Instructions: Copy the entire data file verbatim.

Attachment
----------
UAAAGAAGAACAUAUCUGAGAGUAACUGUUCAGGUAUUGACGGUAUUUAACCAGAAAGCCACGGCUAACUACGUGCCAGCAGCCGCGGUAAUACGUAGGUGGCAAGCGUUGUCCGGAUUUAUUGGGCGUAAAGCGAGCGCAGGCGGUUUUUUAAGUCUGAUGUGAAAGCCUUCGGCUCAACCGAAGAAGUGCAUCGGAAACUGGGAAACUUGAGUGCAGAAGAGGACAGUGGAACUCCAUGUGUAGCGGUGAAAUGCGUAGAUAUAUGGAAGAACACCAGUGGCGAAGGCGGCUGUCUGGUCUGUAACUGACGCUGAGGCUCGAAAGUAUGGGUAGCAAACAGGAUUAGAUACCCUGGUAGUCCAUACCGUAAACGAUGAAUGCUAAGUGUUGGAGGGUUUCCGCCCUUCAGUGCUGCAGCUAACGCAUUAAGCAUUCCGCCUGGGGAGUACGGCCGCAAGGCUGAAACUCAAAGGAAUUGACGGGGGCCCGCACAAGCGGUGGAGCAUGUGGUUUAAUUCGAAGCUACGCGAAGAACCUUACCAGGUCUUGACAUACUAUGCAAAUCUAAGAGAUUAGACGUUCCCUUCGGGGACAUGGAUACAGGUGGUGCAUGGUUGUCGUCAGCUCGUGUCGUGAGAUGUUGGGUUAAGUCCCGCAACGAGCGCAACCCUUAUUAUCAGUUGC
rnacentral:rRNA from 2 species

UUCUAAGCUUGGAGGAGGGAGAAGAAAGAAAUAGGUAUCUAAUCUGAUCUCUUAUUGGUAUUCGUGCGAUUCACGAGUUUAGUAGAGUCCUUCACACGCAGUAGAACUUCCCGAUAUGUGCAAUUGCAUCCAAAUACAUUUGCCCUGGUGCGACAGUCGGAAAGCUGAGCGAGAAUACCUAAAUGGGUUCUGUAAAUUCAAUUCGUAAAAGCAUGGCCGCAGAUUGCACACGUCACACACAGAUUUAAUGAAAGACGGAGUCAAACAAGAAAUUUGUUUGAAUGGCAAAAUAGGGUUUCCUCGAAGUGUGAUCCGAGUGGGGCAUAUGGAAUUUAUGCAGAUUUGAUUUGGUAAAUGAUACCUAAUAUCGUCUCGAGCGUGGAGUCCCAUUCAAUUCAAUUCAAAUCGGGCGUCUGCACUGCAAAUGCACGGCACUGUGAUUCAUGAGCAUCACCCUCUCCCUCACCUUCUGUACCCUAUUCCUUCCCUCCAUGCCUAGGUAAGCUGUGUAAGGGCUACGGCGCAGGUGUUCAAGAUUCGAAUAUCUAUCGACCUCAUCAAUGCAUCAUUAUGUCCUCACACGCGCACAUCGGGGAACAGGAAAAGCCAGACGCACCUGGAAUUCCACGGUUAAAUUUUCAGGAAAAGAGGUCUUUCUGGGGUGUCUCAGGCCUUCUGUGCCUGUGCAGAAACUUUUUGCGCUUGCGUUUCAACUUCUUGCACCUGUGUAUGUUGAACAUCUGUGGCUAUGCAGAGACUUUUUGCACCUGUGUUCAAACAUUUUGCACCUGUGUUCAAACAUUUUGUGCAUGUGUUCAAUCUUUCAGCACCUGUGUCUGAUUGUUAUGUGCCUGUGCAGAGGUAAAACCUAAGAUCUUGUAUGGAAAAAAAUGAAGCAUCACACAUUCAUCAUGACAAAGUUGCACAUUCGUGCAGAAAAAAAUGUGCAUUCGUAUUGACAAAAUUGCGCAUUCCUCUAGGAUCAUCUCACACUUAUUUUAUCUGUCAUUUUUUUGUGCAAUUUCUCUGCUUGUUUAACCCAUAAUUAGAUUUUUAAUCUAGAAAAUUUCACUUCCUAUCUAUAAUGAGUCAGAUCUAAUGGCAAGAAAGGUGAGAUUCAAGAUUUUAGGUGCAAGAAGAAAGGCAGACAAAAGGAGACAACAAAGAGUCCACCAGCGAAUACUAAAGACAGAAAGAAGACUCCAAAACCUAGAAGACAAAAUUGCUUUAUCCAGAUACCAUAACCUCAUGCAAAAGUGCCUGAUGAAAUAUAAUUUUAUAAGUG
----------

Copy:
UAAAGAAGAACAUAUCUGAGAGUAACUGUUCAGGUAUUGACGGUAUUUAACCAGAAAGCCACGGCUAACUACGUGCCAGCAGCCGCGGUAAUACGUAGGUGGCAAGCGUUGUCCGGAUUUAUUGGGCGUAAAGCGAGCGCAGGCGGUUUUUUAAGUCUGAUGUGAAAGCCUUCGGCUCAACCGAAGAAGUGCAUCGGAAACUGGGAAACUUGAGUGCAGAAGAGGACAGUGGAACUCCAUGUGUAGCGGUGAAAUGCGUAGAUAUAUGGAAGAACACCAGUGGCGAAGGCGGCUGUCUGGUCUGUAACUGACGCUGAGGCUCGAAAGUAUGGGUAGCAAACAGGAUUAGAUACCCUGGUAGUCCAUACCGUAAACGAUGAAUGCUAAGUGUUGGAGGGUUUCCGCCCUUCAGUGCUGCAGCUAACGCAUUAAGCAUUCCGCCUGGGGAGUACGGCCGCAAGGCUGAAACUCAAAGGAAUUGACGGGGGCCCGCACAAGCGGUGGAGCAUGUGGUUUAAUUCGAAGCUACGCGAAGAACCUUACCAGGUCUUGACAUACUAUGCAAAUCUAAGAGAUUAGACGUUCCCUUCGGGGACAUGGAUACAGGUGGUGCAUGGUUGUCGUCAGCUCGUGUCGUGAGAUGUUGGGUUAAGUCCCGCAACGAGCGCAACCCUUAUUAUCAGUUGC
rnacentral:rRNA from 2 species

UUCUAAGCUUGGAGGAGGGAGAAGAAAGAAAUAGGUAUCUAAUCUGAUCUCUUAUUGGUAUUCGUGCGAUUCACGAGUUUAGUAGAGUCCUUCACACGCAGUAGAACUUCCCGAUAUGUGCAAUUGCAUCCAAAUACAUUUGCCCUGGUGCGACAGUCGGAAAGCUGAGCGAGAAUACCUAAAUGGGUUCUGUAAAUUCAAUUCGUAAAAGCAUGGCCGCAGAUUGCACACGUCACACACAGAUUUAAUGAAAGACGGAGUCAAACAAGAAAUUUGUUUGAAUGGCAAAAUAGGGUUUCCUCGAAGUGUGAUCCGAGUGGGGCAUAUGGAAUUUAUGCAGAUUUGAUUUGGUAAAUGAUACCUAAUAUCGUCUCGAGCGUGGAGUCCCAUUCAAUUCAAUUCAAAUCGGGCGUCUGCACUGCAAAUGCACGGCACUGUGAUUCAUGAGCAUCACCCUCUCCCUCACCUUCUGUACCCUAUUCCUUCCCUCCAUGCCUAGGUAAGCUGUGUAAGGGCUACGGCGCAGGUGUUCAAGAUUCGAAUAUCUAUCGACCUCAUCAAUGCAUCAUUAUGUCCUCACACGCGCACAUCGGGGAACAGGAAAAGCCAGACGCACCUGGAAUUCCACGGUUAAAUUUUCAGGAAAAGAGGUCUUUCUGGGGUGUCUCAGGCCUUCUGUGCCUGUGCAGAAACUUUUUGCGCUUGCGUUUCAACUUCUUGCACCUGUGUAUGUUGAACAUCUGUGGCUAUGCAGAGACUUUUUGCACCUGUGUUCAAACAUUUUGCACCUGUGUUCAAACAUUUUGUGCAUGUGUUCAAUCUUUCAGCACCUGUGUCUGAUUGUUAUGUGCCUGUGCAGAGGUAAAACCUAAGAUCUUGUAUGGAAAAAAAUGAAGCAUCACACAUUCAUCAUGACAAAGUUGCACAUUCGUGCAGAAAAAAAUGUGCAUUCGUAUUGACAAAAUUGCGCAUUCCUCUAGGAUCAUCUCACACUUAUUUUAUCUGUCAUUUUUUUGUGCAAUUUCUCUGCUUGUUUAACCCAUAAUUAGAUUUUUAAUCUAGAAAAUUUCACUUCCUAUCUAUAAUGAGUCAGAUCUAAUGGCAAGAAAGGUGAGAUUCAAGAUUUUAGGUGCAAGAAGAAAGGCAGACAAAAGGAGACAACAAAGAGUCCACCAGCGAAUACUAAAGACAGAAAGAAGACUCCAAAACCUAGAAGACAAAAUUGCUUUAUCCAGAUACCAUAACCUCAUGCAAAAGUGCCUGAUGAAAUAUAAUUUUAUAAGUG